88 Pages Posted: 7 Feb 2017 Last revised: 21 Feb 2017
Date Written: February 19, 2017
Although Americans overwhelmingly believe that LGBT people should not be turned away from a business open to the public just for being gay or transgender, no state has enacted protections for all LGBT people against being told that “we don’t serve people like you.”
This Article traces the impasse over new state legislation banning discrimination on the basis of sexual orientation and gender identity (“SOGI”) to one critical assertion: that ensuring LGBT people “equal enjoyment of facilities” means that men will now be allowed “in women’s bathrooms,” threatening the safety of others. Although the claim that SOGI nondiscrimination laws expose the public to victimization by sexual predators reaches back to 2008, it reached a crescendo in 2015 when opponents defeated Houston’s Equal Rights Ordinance by tagging it as a “bathroom bill, and 2016 when North Carolina legislators wiped aside a Charlotte ordinance that was silent about facility access, requiring instead that businesses defined as “public accommodations” must require patrons to use the bathroom matching the sex of their birth.”
Despite the punishing treatment of North Carolina after H.B. 2, the 2017 legislative year opened with a raft of bills designed to force individuals to use the bathroom matching the sex of their birth. While proponents of these bills claim that extending nondiscrimination protections to the LGBT community imperils public safety, this Article argues that this claim is not predicated on evidence about — or risks from — trans people. Sex offenders are the source of this threat, as affidavits filed in support of North Carolina’s defense of H.B. 2 acknowledge.
Notably, the bathroom narrative has served to obscure pressing religious liberty issues, such as how nondiscrimination laws should interact with — or give way to — religious convictions on questions of sexuality in religious spaces, like the nature of gender itself. This Article concludes that SOGI nondiscrimination laws are necessary to advance human dignity and to secure “a level playing field so that all persons can enjoy the fruits of their labor.” Policymakers should therefore reject the case against SOGI nondiscrimination protections based on public safety. It is, however, incumbent on lawmakers to ensure that civil laws governing questions of sexuality do not inadvertently spill over to houses of worship and other places where religious believers should have discretion to decide such matters for their communities. This Article further concludes that it is possible to authorize businesses to open restrooms to LGBT persons in a way that ensures the safety, dignity, and privacy of all their patrons while respecting the religious convictions of people of faith.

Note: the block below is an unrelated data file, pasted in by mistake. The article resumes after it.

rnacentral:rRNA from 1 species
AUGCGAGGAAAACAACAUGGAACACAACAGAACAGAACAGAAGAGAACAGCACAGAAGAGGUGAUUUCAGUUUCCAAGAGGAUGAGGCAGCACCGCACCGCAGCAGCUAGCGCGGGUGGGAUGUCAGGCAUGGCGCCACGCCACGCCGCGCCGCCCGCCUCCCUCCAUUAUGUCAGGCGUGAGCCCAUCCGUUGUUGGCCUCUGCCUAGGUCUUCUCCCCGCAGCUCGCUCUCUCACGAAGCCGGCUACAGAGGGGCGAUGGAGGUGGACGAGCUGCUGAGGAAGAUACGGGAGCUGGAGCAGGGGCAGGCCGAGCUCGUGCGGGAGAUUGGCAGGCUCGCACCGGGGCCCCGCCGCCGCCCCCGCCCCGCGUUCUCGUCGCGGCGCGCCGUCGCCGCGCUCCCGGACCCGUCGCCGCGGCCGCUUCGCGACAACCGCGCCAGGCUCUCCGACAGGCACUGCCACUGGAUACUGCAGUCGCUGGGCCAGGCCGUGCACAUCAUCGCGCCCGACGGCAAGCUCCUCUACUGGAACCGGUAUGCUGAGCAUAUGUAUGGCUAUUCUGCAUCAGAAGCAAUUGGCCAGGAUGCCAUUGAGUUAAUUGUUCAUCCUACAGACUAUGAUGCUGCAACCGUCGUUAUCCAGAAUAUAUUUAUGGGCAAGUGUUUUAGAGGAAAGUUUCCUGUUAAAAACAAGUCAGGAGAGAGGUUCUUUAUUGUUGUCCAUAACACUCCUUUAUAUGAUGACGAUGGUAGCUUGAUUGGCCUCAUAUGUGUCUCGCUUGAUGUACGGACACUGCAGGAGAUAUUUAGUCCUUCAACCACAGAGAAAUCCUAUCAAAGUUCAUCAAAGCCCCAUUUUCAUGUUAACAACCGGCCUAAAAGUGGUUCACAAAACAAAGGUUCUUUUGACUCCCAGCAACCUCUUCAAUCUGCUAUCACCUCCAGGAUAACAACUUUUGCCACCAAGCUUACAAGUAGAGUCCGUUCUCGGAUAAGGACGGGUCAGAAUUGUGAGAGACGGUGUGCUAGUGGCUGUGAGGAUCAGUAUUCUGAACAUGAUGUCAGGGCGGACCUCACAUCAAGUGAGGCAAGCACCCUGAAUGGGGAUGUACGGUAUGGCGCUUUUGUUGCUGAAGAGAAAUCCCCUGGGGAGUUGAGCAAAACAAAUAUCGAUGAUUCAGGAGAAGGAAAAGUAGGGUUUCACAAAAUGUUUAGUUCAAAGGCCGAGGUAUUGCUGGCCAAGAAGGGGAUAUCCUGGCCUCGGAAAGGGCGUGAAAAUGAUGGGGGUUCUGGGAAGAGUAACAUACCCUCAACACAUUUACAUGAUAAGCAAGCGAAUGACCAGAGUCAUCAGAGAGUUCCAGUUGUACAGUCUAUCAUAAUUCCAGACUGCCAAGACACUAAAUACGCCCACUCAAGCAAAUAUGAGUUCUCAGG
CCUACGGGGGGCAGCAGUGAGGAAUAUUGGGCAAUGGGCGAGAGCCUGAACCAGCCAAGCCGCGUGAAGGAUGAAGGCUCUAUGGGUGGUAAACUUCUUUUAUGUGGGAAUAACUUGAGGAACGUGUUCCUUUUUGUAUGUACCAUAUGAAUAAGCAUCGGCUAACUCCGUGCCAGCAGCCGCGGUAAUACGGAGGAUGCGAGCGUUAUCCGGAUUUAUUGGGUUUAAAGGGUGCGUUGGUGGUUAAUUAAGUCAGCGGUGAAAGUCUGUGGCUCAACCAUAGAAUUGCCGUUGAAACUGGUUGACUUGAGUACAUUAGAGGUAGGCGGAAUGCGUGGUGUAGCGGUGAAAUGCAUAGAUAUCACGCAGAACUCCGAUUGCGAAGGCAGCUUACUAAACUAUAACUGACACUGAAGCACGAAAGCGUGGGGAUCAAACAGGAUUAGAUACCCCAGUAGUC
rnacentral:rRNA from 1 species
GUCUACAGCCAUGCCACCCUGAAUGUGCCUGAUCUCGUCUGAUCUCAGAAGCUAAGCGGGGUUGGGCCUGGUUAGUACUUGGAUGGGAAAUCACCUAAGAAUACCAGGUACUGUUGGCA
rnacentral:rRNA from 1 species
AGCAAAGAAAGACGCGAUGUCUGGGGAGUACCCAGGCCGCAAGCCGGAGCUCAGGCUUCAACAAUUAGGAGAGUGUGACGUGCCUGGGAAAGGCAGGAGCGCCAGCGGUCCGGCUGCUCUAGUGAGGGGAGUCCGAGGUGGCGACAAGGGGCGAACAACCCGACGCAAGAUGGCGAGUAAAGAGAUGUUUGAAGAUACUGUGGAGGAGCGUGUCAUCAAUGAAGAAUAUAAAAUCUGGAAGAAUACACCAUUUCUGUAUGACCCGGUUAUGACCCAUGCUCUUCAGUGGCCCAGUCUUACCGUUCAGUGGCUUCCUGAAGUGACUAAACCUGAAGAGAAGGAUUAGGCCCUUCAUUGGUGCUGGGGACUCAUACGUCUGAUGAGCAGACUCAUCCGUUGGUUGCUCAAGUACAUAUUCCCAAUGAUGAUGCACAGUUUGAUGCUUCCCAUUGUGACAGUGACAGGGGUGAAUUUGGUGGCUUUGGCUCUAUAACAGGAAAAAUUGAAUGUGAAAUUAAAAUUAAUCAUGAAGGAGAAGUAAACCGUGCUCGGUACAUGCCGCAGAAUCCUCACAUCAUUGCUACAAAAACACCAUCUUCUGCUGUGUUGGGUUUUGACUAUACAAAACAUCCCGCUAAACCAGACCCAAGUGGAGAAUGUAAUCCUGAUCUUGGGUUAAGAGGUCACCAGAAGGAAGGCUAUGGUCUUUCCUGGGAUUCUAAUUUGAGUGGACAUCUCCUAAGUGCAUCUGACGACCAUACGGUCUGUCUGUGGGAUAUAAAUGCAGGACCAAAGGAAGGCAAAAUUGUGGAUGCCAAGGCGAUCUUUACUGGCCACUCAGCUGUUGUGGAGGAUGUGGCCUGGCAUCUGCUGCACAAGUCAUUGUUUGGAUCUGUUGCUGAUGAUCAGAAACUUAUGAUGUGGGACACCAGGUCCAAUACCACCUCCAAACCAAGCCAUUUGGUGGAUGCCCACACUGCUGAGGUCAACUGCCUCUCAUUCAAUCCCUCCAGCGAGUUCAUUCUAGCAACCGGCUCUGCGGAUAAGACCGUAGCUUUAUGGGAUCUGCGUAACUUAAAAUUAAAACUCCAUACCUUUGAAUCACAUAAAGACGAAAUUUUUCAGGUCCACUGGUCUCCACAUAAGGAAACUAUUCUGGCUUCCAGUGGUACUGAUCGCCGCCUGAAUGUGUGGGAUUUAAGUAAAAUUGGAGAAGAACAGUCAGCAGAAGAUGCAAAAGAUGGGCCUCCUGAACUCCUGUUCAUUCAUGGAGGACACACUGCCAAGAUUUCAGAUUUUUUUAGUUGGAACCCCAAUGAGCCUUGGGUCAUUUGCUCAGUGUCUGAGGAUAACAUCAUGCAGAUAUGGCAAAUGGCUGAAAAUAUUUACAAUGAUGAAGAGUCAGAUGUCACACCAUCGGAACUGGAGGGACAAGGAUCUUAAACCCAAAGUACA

Suggested Citation: Suggested Citation
Wilson, Robin Fretwell, The Nonsense About Bathrooms: How Purported Concerns over Safety Block LGBT Nondiscrimination Laws and Obscure Real Religious Liberty Concerns (February 19, 2017). Lewis & Clark Law Review, Vol. 20, No. 4, 2017; University of Illinois College of Law Legal Studies Research Paper No. 17-11. Available at SSRN: https://ssrn.com/abstract=2912552 or http://dx.doi.org/10.2139/ssrn.2912552